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Discussion Starter #1
I'm looking into alternate ways to refridgerate our food instead of electricity for use during power outages, whats some ideas cheaply.

I was thinking of stowing away a fridge from a camper that runs on propane if i can find one cheap enough and then transfer our food to that in a emergency , I don't really want to use a genny because of attracting people to the noise and cost and availabilty of fuel for it.

Is there any kind of kits to convert a regular fridge to propane?

Also how long will a 20 lb tank run a fridge.
I figure propane is easier to store than gasoline also.
 

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Thanks, sounds intersting.

I did a search for your post but it didn't come up with anything.

can you link it maybe to me or repost.
 

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They sell propane appliances. Check with the Propane dealers in your area. I was using an old Servel refrig my grandad had but it finally gave up the ghost. I wonder if Kev may have a source on them as well.
 

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AKA The Dragon
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Here is a link for making a charcoal fridge.
Used very soccessfully in the early pioneering days in Australia. It was said it would set geletine. Have seen only one about 15 years ago that was a home built project.

http://celac.wordpress.com/2007/06/18/54/
 
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The Amish are turning to solar power to run their freezers.

They mount a couple of solar panels on the house, use an array of batteries, some kind of heavy duty inventor to convert 12 volt to 120 and they are able to keep their food cold.

http://www.philly.com/inquirer/home...mish_turn_to_solar_power_for_electricity.html

The Amish shun connections to the outside, including the power grid, to run their buggy batteries, electric fences, refrigerators and sewing machines. But within their religious framework, using the sun to charge their batteries is acceptable, at least for some purposes, says Donald Kraybill, an expert on the Amish at the Young Center for Anabaptist and Pietist Studies at Elizabethtown College.

"It's like tapping into God's grid instead," he said.

Ben Zook, 25, saw the light seven years ago, when he decided to sell solar panels instead of making cabinets.

"I believed that I could make a living out of electricity," said Zook, who was raised Amish. "But what I didn't imagine was that solar would become almost a mainstream thing the world talks about.

"My total business doubled last year, mostly because of the Amish," said Zook, who owns Belmont Solar in Gordonville, Lancaster County. "It's a pretty rapid growth rate."
 

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We use a Con Serv model fridge and with the few ghost loads in the house and most everything off, the amp meter on the inverter shows 1 amp, so it isn't pulling much most of the time.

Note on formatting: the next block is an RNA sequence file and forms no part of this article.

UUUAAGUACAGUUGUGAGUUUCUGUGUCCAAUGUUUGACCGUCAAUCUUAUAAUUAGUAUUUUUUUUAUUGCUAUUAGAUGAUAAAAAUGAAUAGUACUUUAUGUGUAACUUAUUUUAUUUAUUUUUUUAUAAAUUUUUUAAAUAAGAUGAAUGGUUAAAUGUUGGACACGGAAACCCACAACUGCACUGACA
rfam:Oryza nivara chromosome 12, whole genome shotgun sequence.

It was $900. and is kinda odd in that the freezer is on the BOTTOM. Door handles broke in a short period of time and the drain thing gets plugged REALLY easy (makes a mess on the floor if you don't catch it).

But I am impressed with the little power it uses. :eek::
 

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refridgeration

I wonder is there a way to utilize a crank generator similar to those on emergency radios to power a small freezer or refrigerator. You could use wind power and when there was no wind have a manual crank to turn by hand. Not sure of how to go about this but it is just a thought.
 

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armchair commando
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I JUST posted some info about food safety in the general prep area. I'll add it here....
Food bacteria...

* Discard perishable foods like eggs, meat, fish, milk, etc. which have been above 41 degrees Fahrenheit (F) for more than four to six hours.

* The average full freezer keeps foods below 41 degrees F for two to three days without electricity. Freezers that are less than full keep the temperature below 41 degrees F for a shorter period of time.

* If food still contains ice crystals or has been kept below 41 degrees F one or two days, it can generally be refrozen. Foods that have been at or below 41 degrees F for more than several days should be inspected carefully before eating or refreezing. If the color or odor of thawed beef, pork, lamb or poultry are poor to questionable, discard the meat (in a way that no human or animal will be tempted to eat). If eaten, this food may give someone food poisoning.

* You cannot necessarily tell by the odor whether vegetables, shellfish or cooked foods have spoiled. Since bacteria multiply rapidly in these foods, do not eat any that have thawed out completely. If the freezer temperature is above 41 degrees F for more than four to six hours, the food is probably not safe to eat. Bread products are exceptions.
 
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